Study Finds Airline Cabin Pressure Does Not Cause Blood Clots    

Long distance air travel can increase the risk of blood clots in the legs, a potentially fatal condition that has been known for more than half a century. Now British researchers report that the culprit is not airplane cabin air pressure, as some have speculated. They suggest that the condition is caused by lack of movement.

Deep Vein Thrombosis and Blood Clot Formation

 On a flight from Britain to Australia not long ago, Simon Snedden did what he always used to do on an airplane trip.

"The plan was always get in, get sat down, have a snooze, watch the film," he said.

Snedden will now alter that plan to include a little more leg movement. That is because he took part in a recent study looking into the air travel conditions that can lead to blood clots, or deep vein thrombosis.

The condition is dangerous for reasons explained by University of Leicester physician William Toff.

"Particularly looking at clots that form in the larger leg veins higher up, they may break away and travel through the heart to the lungs, where they block the blood flow and they in some cases prove fatal," said Toff.

Circulatory System

Toff and colleagues conducted the study in which Simon Snedden and 72 other healthy volunteers took part. They wanted to know whether blood clots were the result of the low oxygen and air pressure levels in an airplane cabin.

So they put the volunteers in a cramped chamber for eight-hour shifts to copy the conditions of an actual flight. The researchers lowered the air pressure and oxygen levels in the chamber to match flight levels and even put a table in the middle to simulate the close quarters of the cabin. For comparison, they also had the volunteers spend eight hours in the chamber with normal oxygen and pressure levels.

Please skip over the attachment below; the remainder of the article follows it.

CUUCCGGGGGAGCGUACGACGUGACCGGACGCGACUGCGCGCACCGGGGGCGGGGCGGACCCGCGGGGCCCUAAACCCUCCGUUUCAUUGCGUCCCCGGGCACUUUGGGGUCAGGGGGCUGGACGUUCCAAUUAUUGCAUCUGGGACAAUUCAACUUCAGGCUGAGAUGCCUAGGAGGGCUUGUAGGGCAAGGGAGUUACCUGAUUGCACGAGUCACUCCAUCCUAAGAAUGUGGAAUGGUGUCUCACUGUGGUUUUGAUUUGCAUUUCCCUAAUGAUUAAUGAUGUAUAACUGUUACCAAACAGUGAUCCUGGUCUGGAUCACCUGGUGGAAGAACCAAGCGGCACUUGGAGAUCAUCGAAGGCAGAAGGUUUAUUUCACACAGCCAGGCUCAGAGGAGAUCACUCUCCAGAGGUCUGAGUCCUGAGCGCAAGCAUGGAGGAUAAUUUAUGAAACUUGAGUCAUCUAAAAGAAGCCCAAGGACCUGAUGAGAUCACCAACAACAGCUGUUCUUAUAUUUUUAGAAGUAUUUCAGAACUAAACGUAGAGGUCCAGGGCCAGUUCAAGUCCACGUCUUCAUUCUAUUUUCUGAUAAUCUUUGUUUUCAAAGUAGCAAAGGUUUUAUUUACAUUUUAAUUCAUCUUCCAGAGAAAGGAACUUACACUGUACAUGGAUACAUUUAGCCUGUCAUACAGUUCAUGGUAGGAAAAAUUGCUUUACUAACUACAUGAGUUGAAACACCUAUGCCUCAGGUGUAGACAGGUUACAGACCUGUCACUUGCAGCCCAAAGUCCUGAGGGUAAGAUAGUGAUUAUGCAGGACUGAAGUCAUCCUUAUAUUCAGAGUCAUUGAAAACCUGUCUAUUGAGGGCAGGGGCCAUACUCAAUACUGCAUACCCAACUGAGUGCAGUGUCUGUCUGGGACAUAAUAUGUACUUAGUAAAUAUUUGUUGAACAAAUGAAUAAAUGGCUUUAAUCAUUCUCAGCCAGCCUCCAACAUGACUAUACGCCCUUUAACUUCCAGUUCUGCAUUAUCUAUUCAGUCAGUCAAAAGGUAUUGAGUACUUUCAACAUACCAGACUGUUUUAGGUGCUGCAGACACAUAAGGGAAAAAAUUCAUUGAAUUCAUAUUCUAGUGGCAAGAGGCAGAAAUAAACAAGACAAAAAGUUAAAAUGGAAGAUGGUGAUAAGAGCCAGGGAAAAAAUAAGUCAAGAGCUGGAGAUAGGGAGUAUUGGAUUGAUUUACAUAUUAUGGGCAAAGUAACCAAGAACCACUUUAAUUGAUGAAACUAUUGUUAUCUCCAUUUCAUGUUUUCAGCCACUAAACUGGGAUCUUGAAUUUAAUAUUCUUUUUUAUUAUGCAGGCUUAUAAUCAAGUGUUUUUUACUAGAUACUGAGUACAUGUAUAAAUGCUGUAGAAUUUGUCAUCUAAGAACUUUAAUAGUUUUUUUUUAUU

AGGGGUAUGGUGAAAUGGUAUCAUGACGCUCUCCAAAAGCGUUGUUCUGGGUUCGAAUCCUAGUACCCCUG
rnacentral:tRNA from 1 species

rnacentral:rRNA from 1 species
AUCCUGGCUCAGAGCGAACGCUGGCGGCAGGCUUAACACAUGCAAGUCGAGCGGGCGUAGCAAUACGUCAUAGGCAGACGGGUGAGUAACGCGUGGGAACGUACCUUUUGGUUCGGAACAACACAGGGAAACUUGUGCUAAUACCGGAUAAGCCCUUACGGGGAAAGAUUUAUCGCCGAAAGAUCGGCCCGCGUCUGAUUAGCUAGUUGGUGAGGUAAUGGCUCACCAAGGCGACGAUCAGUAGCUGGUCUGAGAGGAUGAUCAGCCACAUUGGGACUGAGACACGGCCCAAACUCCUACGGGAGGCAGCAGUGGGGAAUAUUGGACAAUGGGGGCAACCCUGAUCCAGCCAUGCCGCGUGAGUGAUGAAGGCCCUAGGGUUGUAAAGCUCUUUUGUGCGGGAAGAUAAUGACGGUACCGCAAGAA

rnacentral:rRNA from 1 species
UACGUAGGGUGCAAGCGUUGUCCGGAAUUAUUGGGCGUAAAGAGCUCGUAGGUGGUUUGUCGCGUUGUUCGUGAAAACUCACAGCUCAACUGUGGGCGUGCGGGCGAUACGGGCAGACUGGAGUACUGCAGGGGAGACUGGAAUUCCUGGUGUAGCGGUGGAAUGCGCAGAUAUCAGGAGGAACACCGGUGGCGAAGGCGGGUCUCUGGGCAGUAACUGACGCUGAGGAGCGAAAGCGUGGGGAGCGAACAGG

There were some changes in the blood toward clotting, but they occurred at the same rate in both air pressure and oxygen conditions.

Toff says blood tests made before and after the simulated airline cabin conditions tell the story.

"We looked at a very wide range of blood markers, looking at all aspects of the body's clotting mechanism. We found no evidence that the low pressure, low oxygen were activating the body's blood clotting mechanism," he explained.

The key is blood FLOW

 The researchers say the clotting changes were probably the result of sitting still for eight hours. So Toff advises travelers to stretch their legs, extend and flex the knees and ankles, and stand and walk whenever possible.

"Any form of long-haul travel, whether by air, rail, or road is associated with an increased risk of thrombosis. People should take sensible precautions according to their level of inherent risk," he added.

The study appears in the Journal of the American Medical Association.

In a commentary accompanying the research, University of Heidelberg sports physician Peter Bartsch notes that the study included small numbers of elderly people and women taking oral contraceptives. As a result, he says it is not possible to draw conclusions about these two groups.

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Deep Vein Thrombosis Overview

Interventional Radiology Clot Busting Treatment Prevents Permanent Leg Damage

Deep vein thrombosis (DVT) is the formation of a blood clot, known as a thrombus, in the deep leg vein. It is a very serious condition that can cause permanent damage to the leg, known as post-thrombotic syndrome, or a life-threating pulomnary embolism. In the United States alone, 600,000 new cases are diagnosed each year. One in every 100 people who develops DVT dies. Recently, it has been referred to as "Economy Class Syndrome" due to the occurrence after sitting on long flights.